After awhile he informed us that he had been making up his mind about quizzing us on the subject of elementary history and sociology before moving into the esoteric subject of the history and sociology of urban poverty. Thank God he decided to give us a little test, which we would be free to review and grade afterwards. He told us the test would need us to answer certain questions in our heads silently, then we would be reviewing just as silently if we chose to do so. each person would decide hat latter issue and no one would be challenged to repeat the answers he or she had mentally given.
As well as I can remember, the questions that follow were asked by our young Black teacher one at a time slowly, so we could remember the questions and answers easily when we were done: One, who discovered America? He said he was starting with an easy one, and that it might get more difficult as we went along. Two, who was the first to discover any part of what we now call the United States? If you are unsure just mentally record the guesses or half memories you have, he said pleasantly. Three, who discovered the source of the Nile at Victoria Fall? Four, who was the first to explore what we now call Australia? Five, name one ruler of a kingdom or state south of the Sahara desert prior to the colonization of that area by Europeans. Six, name the ruler of any state in the Indian subcontinent prior to its colonization by the British. Seven, how many races are there? Eight, keeping in mind the number you believe to be most accurate, answer the following five sub-questions: what race does each of the following belong to: Yasir Arafat, Suharto, Indira Gandhi, Zapata, Lena Horne.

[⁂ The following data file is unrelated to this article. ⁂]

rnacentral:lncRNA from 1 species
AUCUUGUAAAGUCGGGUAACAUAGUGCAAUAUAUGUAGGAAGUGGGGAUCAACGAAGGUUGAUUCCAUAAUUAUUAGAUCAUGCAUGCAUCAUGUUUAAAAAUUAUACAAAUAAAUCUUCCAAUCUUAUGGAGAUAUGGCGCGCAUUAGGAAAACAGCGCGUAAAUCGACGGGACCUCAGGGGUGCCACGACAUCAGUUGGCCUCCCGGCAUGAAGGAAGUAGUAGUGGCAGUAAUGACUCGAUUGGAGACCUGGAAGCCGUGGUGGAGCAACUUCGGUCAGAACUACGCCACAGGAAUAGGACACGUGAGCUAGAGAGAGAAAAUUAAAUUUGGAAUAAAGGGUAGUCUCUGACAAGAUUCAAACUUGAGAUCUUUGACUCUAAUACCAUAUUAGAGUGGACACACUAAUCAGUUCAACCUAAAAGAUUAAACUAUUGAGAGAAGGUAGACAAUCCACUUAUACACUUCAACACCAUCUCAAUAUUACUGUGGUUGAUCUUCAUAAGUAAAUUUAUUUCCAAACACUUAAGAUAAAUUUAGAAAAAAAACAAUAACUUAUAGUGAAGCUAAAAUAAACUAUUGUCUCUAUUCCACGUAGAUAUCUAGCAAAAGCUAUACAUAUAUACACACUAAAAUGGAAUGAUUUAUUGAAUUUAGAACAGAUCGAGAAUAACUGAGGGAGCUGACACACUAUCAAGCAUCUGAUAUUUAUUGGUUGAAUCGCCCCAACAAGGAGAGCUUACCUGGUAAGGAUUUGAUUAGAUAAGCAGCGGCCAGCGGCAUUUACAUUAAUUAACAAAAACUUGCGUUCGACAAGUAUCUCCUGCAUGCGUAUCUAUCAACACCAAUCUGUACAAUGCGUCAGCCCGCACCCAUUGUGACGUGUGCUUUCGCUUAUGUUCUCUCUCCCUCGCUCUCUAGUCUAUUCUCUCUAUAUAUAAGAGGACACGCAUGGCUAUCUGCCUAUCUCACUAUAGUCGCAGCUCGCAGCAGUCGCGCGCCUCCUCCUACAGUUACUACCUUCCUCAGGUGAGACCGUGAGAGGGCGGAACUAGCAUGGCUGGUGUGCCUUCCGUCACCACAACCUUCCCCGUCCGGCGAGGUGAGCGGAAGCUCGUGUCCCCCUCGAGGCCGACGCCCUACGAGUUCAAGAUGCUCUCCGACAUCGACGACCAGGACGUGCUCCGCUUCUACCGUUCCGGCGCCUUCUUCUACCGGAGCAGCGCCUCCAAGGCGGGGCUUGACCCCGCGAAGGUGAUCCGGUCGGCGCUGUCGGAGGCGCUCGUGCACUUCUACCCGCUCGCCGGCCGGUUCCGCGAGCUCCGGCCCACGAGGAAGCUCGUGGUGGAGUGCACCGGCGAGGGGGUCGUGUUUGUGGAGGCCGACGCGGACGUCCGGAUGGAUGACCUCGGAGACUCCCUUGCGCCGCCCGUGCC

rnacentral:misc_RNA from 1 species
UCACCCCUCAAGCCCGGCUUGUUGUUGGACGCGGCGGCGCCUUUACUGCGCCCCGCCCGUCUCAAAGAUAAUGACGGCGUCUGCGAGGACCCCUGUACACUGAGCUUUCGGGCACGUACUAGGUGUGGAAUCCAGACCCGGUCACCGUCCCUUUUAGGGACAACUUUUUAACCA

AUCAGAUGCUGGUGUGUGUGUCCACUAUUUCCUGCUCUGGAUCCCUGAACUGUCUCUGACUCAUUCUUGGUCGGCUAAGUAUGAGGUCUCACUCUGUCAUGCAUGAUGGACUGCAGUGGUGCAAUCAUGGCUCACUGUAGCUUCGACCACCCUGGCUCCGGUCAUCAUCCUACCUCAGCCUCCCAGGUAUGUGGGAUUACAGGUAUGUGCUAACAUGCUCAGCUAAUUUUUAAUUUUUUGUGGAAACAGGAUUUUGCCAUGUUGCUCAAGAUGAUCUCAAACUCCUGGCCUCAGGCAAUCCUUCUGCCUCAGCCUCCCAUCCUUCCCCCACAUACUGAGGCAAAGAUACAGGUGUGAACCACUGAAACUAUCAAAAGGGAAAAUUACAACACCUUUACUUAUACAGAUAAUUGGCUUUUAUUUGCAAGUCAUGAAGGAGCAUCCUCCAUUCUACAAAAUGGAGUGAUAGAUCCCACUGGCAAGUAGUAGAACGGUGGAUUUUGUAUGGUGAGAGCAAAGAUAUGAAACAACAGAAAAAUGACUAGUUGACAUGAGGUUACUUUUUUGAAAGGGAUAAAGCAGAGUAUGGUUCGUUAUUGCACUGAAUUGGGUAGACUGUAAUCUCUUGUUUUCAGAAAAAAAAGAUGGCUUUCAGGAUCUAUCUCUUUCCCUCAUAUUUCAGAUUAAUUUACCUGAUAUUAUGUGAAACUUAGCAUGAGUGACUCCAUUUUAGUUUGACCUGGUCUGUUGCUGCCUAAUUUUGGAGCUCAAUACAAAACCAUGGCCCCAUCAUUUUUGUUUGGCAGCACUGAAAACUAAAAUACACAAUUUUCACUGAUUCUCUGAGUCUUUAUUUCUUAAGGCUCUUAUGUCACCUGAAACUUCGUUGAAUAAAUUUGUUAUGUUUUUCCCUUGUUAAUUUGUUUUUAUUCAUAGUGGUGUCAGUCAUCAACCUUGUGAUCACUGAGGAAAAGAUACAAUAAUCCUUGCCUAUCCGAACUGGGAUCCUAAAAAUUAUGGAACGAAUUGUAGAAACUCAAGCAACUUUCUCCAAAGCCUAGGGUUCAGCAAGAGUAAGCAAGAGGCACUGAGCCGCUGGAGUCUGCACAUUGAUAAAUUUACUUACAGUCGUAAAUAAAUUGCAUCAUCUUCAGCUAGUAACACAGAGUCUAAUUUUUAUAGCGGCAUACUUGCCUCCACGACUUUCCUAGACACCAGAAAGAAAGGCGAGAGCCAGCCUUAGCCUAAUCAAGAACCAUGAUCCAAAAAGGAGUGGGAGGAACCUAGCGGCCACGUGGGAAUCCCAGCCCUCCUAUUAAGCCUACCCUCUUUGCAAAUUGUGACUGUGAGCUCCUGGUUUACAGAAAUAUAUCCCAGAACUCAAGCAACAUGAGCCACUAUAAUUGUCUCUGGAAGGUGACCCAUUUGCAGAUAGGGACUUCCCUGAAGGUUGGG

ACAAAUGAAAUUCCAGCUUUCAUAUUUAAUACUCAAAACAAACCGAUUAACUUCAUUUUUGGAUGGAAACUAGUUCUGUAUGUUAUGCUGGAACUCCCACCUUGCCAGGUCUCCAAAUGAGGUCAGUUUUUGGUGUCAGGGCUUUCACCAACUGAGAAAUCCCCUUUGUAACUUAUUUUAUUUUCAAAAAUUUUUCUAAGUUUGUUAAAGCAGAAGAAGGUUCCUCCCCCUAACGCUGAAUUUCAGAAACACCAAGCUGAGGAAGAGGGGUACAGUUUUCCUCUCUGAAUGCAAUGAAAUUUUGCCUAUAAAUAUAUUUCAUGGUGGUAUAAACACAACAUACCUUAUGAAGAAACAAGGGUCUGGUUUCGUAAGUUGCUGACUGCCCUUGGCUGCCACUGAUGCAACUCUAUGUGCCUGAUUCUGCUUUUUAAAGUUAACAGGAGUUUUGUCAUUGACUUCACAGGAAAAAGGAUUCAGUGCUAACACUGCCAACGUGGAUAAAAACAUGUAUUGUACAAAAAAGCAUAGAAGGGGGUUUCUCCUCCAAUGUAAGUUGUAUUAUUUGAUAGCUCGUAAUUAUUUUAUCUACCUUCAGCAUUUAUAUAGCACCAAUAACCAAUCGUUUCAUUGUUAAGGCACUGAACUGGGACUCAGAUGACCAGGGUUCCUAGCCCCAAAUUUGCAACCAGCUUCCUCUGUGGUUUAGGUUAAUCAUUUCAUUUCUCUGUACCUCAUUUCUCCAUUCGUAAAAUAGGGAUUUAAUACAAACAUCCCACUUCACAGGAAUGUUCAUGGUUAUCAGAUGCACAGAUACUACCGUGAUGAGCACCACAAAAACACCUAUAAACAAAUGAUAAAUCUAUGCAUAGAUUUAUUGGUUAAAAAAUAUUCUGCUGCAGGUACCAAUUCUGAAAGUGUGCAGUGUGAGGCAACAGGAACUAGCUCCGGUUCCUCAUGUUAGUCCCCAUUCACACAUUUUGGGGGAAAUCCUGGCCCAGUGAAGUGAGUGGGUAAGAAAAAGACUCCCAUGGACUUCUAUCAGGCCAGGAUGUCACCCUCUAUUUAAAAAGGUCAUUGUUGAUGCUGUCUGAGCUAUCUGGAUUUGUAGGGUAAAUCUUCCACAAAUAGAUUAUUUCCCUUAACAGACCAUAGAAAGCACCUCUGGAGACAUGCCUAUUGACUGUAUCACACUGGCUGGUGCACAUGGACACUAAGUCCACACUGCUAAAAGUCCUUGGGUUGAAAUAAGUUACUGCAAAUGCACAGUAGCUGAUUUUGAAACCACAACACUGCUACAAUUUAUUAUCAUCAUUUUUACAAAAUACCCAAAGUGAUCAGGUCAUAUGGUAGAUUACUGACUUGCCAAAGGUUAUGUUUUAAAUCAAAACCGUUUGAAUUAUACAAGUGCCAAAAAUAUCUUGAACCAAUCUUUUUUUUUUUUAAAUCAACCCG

By the time we reached the last question, I began to see the foolishness of my earlier answers. i had mentally recorded Columbus or Leif Erikson as the answer to the first and Henry Hudson or Amerigo Vespucci for the second. For three I thought Stanley for I had read a fascinating account of Stanley search for Dr. Livingston and his further expedition to find the falls. The questions about the early history of Africa and India almost tipped me off to the real object of the quiz–to help us realize that we had without objection digested a view of history that completely discounted the history, even the existence of nonwhite people. In my mind the history of the world was largely the story of white folks! Soon the discussion that night revealed that all of us were in the same condition. Each of us had ignored the existence in each “discovered’ people of many generations of nonwhite people prior to the visit of the first leader of a group of white folks. And none of us could defend any number for the races of humans other than one. Once it became clear that any other selected number was biologically to small to serve as the finite number of categories, we were forced to recognize that race was a learned perspective, not a biological or anthropological reality outside of our prejudices and arbitrary categorizations.
But the most alarming revelation of the evening for some of us–including me–was the realization that this young teacher was actually smarter than we were! I came to the startling awareness that there were people who were both Black and superior in learning and intelligence. Whether I wanted to be or not–and I desperately did not want to be–I had to recognize that in a very real and disgusting way, I was a bigot!